Last week was half term. Each school holiday starts with slight trepidation; What will we do? Who will we see? It always neatly works out. Abandoning the everyday, throwing out the routine and ‘doing stuff’ is what holidays are meant for. Our preference is discovery outside the confines of four walls. It gives my son an opportunity to expel energy and use his imagination. It benefits me. The distance between us on a path is a momentary space for a conversation with an adult or my own thoughts. Wandering along a path behind a six year old gives rare thinking time. Not just time from the subject hopping, imagining, questioning, voice of a 6 year old, which much as I love him for it, I do need a break from. That path is also time from my ‘to do’ lists.
During term time, life is crammed with lists and practical chores. Half term creates a stop. All the small carriages of the everyday stack up, to be sorted and re-directed once half term is over.
On the path in the sunshine, I think. The holidays serve as a marker for more time past. I’m still not working. They remind me how difficult it would be to manage this time and a job. Where would he go? Would he be happy? I have the luxury of time with my son and I’m very grateful and yet, I’m not working.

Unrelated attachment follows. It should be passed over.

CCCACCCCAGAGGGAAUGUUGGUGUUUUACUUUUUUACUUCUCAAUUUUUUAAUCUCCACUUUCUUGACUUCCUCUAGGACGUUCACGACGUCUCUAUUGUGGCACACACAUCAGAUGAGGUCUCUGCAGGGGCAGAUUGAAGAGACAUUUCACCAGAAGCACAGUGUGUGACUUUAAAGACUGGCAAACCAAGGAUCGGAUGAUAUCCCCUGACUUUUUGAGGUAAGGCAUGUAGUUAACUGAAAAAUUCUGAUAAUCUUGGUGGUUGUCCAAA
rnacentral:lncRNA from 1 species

He returns to school, the house is silent and I’m writing a list of inconsequential things to sort out and organise, the small carriages that have stacked up – Is this it? As time goes on I feel less and less employable. Less able to step back into that world. I fluctuate from feeling I no longer have anything to offer, to frustration that I’m not contributing. Valuing time with my son and knowing that’s not enough.
There’s no feedback or supervision or appraisal as a parent. All those little bits of employment that define how it’s going and give a bit of a ‘pat on the back’ are missing. As he get’s older his achievements are his, less an extension of my coaching.
A while ago, I put my CV together and had a discussion with a recruitment specialist. Initially, the prospect of discussing my worth measured in skills and knowledge was horrifying. When forced to take my head out of the sand and present myself it wasn’t as apologetic as I expected. Feedback was positive, the experience was surprisingly uplifting. Useful advice noted, I re-wrote my CV (again) and there it is; 2 sides of A4. What next? Weeks slipped past and I’ve returned to my rut of self-doubt and sitting on the sidelines.
All this is old ground and more exploration of how I feel, rather than any course of action. As time has shown, I’m pretty poor on action. As an individual, I am organised and I like to achieve. I don’t enjoy sitting on the sidelines. As a parent, I manage the trepidation and just get out there and ‘do stuff’. As me, I’m stuck.
Photos taken at Tyntesfield.